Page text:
College and Long Distance Relationships

by Quentin Singer

No matter what anyone tells you, being in a long distance relationship is not an easy situation. Given the vast student body, along with the 100+ countries represented, long distance relationships are especially present here at Berklee College of Music. I’m 2 1/2+ years into a long distance relationship, so I thought it would be helpful to share some tips and advice to those just starting, or even those struggling with the many challenges of long distance. While it’s good to bear in mind not all relationships are the same, and every couple has their own share of problems, there are many issues that are common ground for couples, particularly those who face long distance.

During my senior year of high school, I was blessed with meeting my best friend and the woman I get to call my partner in crime. Within the first few months of dating we had to ask the question: do we want to do long distance? It wasn’t a matter of choice for both of us, and without question, we wanted to. However, knowing how far apart we’d be was an incredibly scary and intimidating feeling. She’s native Italian and goes to school/lives in Rome, while I’m a US native and from Northern Virginia. Often times couples find themselves in this circle of fear, sadness, and aghast, specifically in the first year of distance, and there’s no denying we’ve both felt so on a number of occasions. These feelings are completely normal and serve as a testament to how important and special your relationship is. So for any couples feeling the long-distance blues, it’s absolutely natural, but it’s good to know how to express these emotions. Taking into account your student life, your relationships shouldn’t feel intrusive of your college experience. It’s absolutely necessary to express your thoughts and concerns with your partner, but know how to do so without becoming overbearing to them. For instance, if you’re feeling sad, doubtful, and/or lonely, of course, it’s good to talk to your partner about it, but be conscious of the stress you might be putting on them. You both are developing into adults and need your space to study, learn, and enjoy college. If reoccurring issues keep circulating throughout your relationship, long distance can feel more burdensome to both parties.

Generally speaking, it’s healthy to develop a sense of space to let each other enjoy college. Whether it’s Friday night and your friends want to go out, but your partner wants to hang out and Skype, be mindful of which experience is a priority. If Skype sessions are consistent throughout the week, it’s great every now and then to encourage your partner to go out and hang with friends. In doing so, you develop a healthy communication with your partner, and they admire the fact you recognize these opportunities. If you’re constantly eager to Skype throughout the week, it can be detrimental to the relationship, and ultimately make Skype sessions feel more like a chore then a fun-relaxing time with the person you love. However, that’s not to say there aren’t moments where Skype/calling is more important, it’s just knowing when and what is the priority at that given time. Finding a balance in communication is absolutely critical in establishing a healthy long-distance relationship.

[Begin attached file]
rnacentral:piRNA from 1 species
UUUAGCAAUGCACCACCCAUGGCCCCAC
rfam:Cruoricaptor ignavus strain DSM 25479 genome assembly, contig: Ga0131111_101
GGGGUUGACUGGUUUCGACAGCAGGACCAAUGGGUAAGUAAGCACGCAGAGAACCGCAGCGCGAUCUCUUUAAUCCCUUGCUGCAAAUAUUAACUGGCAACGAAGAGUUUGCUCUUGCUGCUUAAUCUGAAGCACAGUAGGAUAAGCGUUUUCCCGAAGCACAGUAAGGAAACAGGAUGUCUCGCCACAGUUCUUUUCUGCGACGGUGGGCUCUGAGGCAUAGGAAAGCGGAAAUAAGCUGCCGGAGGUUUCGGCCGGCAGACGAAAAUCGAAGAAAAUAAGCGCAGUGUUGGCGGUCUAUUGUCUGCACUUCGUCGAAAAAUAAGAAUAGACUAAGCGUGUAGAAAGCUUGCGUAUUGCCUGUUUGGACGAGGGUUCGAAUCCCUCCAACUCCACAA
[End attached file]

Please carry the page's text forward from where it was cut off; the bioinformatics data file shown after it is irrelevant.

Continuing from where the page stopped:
Whenever I hear a couple is doing long distance, I get instant admiration for them. While this might sound cheesy, it truly shows the couple is willing to go through thick and thin in order to be with the one they love, and it reflects how special the relationship is to them. To me, that’s part of what true love is, commitment, and not giving up when your relationship faces astronomical challenges. I strongly believe life isn’t fulfilling if it isn’t hard and that the same can be said for relationships; they’re not fulfilling if there’s no sacrifices and challenges. Again, all of this is just my opinion and every relationship works differently, but given the vast amount of long-distance couples at Berklee, and my own personal experience, I thought it would be helpful to share some insight on what I think makes a healthy long-distance relationship.